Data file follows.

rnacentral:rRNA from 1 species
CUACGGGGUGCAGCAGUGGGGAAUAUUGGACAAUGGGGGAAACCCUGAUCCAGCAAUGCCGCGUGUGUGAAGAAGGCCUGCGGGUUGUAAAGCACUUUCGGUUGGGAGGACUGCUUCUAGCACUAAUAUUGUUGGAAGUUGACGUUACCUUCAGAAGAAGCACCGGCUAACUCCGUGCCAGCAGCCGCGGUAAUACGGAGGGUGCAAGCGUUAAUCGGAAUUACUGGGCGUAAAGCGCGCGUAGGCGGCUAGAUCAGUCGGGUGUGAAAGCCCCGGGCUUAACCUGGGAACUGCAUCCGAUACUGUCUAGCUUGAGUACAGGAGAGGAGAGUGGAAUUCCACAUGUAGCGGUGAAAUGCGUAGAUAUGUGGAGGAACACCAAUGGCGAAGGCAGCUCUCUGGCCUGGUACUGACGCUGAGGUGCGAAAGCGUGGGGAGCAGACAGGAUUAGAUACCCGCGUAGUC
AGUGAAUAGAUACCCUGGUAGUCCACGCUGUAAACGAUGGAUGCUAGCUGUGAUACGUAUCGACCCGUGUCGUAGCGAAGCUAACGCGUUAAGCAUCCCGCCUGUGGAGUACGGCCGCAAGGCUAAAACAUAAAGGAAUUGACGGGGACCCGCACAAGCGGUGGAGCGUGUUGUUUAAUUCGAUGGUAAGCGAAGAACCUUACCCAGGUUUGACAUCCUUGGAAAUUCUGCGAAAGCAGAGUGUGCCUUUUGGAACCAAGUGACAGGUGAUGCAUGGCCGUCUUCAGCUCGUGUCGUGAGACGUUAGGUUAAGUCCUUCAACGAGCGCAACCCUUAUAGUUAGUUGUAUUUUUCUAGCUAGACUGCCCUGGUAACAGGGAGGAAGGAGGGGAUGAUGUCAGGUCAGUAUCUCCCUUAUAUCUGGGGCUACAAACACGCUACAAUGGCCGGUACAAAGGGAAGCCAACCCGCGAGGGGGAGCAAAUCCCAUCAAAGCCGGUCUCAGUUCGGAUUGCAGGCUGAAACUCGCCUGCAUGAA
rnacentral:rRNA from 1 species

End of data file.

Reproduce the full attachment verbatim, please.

rnacentral:rRNA from 1 species
CUACGGGGUGCAGCAGUGGGGAAUAUUGGACAAUGGGGGAAACCCUGAUCCAGCAAUGCCGCGUGUGUGAAGAAGGCCUGCGGGUUGUAAAGCACUUUCGGUUGGGAGGACUGCUUCUAGCACUAAUAUUGUUGGAAGUUGACGUUACCUUCAGAAGAAGCACCGGCUAACUCCGUGCCAGCAGCCGCGGUAAUACGGAGGGUGCAAGCGUUAAUCGGAAUUACUGGGCGUAAAGCGCGCGUAGGCGGCUAGAUCAGUCGGGUGUGAAAGCCCCGGGCUUAACCUGGGAACUGCAUCCGAUACUGUCUAGCUUGAGUACAGGAGAGGAGAGUGGAAUUCCACAUGUAGCGGUGAAAUGCGUAGAUAUGUGGAGGAACACCAAUGGCGAAGGCAGCUCUCUGGCCUGGUACUGACGCUGAGGUGCGAAAGCGUGGGGAGCAGACAGGAUUAGAUACCCGCGUAGUC
AGUGAAUAGAUACCCUGGUAGUCCACGCUGUAAACGAUGGAUGCUAGCUGUGAUACGUAUCGACCCGUGUCGUAGCGAAGCUAACGCGUUAAGCAUCCCGCCUGUGGAGUACGGCCGCAAGGCUAAAACAUAAAGGAAUUGACGGGGACCCGCACAAGCGGUGGAGCGUGUUGUUUAAUUCGAUGGUAAGCGAAGAACCUUACCCAGGUUUGACAUCCUUGGAAAUUCUGCGAAAGCAGAGUGUGCCUUUUGGAACCAAGUGACAGGUGAUGCAUGGCCGUCUUCAGCUCGUGUCGUGAGACGUUAGGUUAAGUCCUUCAACGAGCGCAACCCUUAUAGUUAGUUGUAUUUUUCUAGCUAGACUGCCCUGGUAACAGGGAGGAAGGAGGGGAUGAUGUCAGGUCAGUAUCUCCCUUAUAUCUGGGGCUACAAACACGCUACAAUGGCCGGUACAAAGGGAAGCCAACCCGCGAGGGGGAGCAAAUCCCAUCAAAGCCGGUCUCAGUUCGGAUUGCAGGCUGAAACUCGCCUGCAUGAA
rnacentral:rRNA from 1 species